HOMEMADE CHOLULA HOT SAUCE RECIPE
I played around with ingredients for a weekend and got a homemade hot sauce to taste EXACTLY like Cholula. Its so close I am having trouble telling the difference by taste, they only look slightly different. I’m tired of the trial and error having got it nearly identical, so I’m hoping someone else will pick this up and point out any improvements that can be made and create a recipe with solidly measured ingredients.
Water ****************************Maybe 1 cup
20 Arbol peppers and 6 Pequin peppers
White distilled Vinegar **************Maybe 1/8 to ¼ cup
Several quarter size carrot slices (I’ll explain later)
Powdered Red Pepper *********Maybe ½ to 1 tsp
Paprika *********************Maybe ½ to 1 tsp
Cumin *********************Maybe 1/8 to ¼ tsp
Onion Powder *************** Maybe 1/8 to 1/4 tsp
One FAT Garlic clove, or two regular sized ones
A few black peppercorns
Salt to taste
* Xanthan gum is optional but as I found, not necessary. Maybe I added enough carrots to starch it up. Who knows?
*This makes a little bit more sauce than would fit into a regular size Cholula bottle. Some of the spices may not be necessary. So please let me know if you think anything should be removed or added.
THE INGREDIENTS EXPLAINED:
The reason so many ingredients don’t have specific measurements is because I really just added them on the fly and kept comparing the taste to real Cholula.
Get really healthy-looking dried peppers. I got some of the local Colorado ones which were not a very dark red and they were terrible. Then I got the Arbol peppers from Walmart with the stems still attached and it made a world of difference.
The main hurdle was figuring out the spices. According to the FDA regulations, any ingredient used as a spice which can also be classified as a food must be declared as a food. Garlic and Onion were specifically used as examples for this rule. So I initially thought that Garlic and Onion could not be in it, since they were not listed. However, after researching, I found an article which talked about the process at the Cholula factory. It said that the Chilis were ground into a paste, then “spiced” and then added to an elixir which consisted mainly of “Vinegar and dehydrated Carrot powder.” I thought this was very strange since “carrot” was not anywhere in the ingredients. So, I’m guessing that there is either some loophole for imported products, a confidential deal made between Cholula and the FDA, or the FDA just doesn’t know the are food items being listed as “spices” on Cholula’s labels and can’t conduct an inspection of the production line since its outside of their jurisdiction. After realizing all of this, I trusted my taste buds that Garlic was likely present in real Cholula and possibly onion as well.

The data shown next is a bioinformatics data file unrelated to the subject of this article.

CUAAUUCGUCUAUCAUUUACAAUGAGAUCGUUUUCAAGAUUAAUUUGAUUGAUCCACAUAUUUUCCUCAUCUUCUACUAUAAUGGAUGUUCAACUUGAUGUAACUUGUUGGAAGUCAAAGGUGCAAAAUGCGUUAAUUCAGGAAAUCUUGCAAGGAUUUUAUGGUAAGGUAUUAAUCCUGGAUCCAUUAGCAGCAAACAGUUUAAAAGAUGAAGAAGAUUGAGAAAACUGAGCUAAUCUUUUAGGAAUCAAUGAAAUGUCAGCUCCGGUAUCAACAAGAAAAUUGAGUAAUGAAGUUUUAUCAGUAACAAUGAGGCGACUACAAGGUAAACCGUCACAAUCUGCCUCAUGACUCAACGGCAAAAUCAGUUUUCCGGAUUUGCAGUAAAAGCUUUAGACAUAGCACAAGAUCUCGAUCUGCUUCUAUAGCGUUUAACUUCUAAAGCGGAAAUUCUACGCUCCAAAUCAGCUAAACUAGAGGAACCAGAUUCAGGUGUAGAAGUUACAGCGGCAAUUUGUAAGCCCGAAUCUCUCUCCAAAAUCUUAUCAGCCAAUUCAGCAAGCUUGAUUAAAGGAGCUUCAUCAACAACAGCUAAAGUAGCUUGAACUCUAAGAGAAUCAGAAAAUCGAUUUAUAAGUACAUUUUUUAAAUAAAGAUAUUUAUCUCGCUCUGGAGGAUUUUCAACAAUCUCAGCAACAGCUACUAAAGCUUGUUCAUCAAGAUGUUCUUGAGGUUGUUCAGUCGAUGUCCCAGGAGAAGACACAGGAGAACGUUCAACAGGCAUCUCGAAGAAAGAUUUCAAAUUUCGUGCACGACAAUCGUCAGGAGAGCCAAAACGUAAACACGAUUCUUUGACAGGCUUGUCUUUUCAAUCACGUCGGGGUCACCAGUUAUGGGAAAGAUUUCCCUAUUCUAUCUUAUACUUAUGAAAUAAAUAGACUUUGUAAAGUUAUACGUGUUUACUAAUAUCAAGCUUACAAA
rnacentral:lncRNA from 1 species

I didn’t want to order dehydrated carrot powder, so I put some carrot slices in kosher salt to draw out some moisture and then put the salted carrot slices in the blender with everything else.
You need to rehydrate the peppers after removing the stems and seeds. Bring some water to boil and then simmer them for about 20 minutes or until they are soft. Using more boiling water with some vinegar may help to dilute the capsaicin and reduce the heat which is helpful because the chilis in Cholula taste like they are much more concentrated than in other sauces, so you will still get quite a bit of heat after doing this, about the same as real Cholula.
Next, strain the peppers and add them to the blender with the carrot slices. Fill with good drinking water just enough to mostly cover the pile of peppers. Then puree them. Add small doses of vinegar and salt until the base for the sauce tastes right.
Next add the spices in small doses while comparing the taste to real Cholula. The paprika and red pepper both help fill out the flavor and give the sauce a redder appearance. I added a very small amount of Mexican oregano which isn’t necessary and probably didn’t change the taste. Blend this well, keep tasting and add more vinegar and salt if needed. It’s extremely easy to water this sauce down too much, which can intensify the heat to a point while diluting the flavor of the chilis. I learned this after a few failed attempts.
After bottling mine and tasting it with a less burning tongue, I noticed that regular Cholula had slightly more vinegar than mine. Fixing this may thin the sauce out enough to require a thickener, but its not likely. The Arbol and Pequin peppers really overpower anything that is slightly bland, like carrots, so adding more of them as a thickener may be a good idea if you don’t like the slimy nature of xanthan gum.
The flavor will get better after the sauce ages for a week or two.
For an Appearance comparison, I took a photo of my sauce and Real Cholula next to eachother, both in Cholula bottles. Mine uses less dehydrated ingredients, and thus has less white specs floating in it.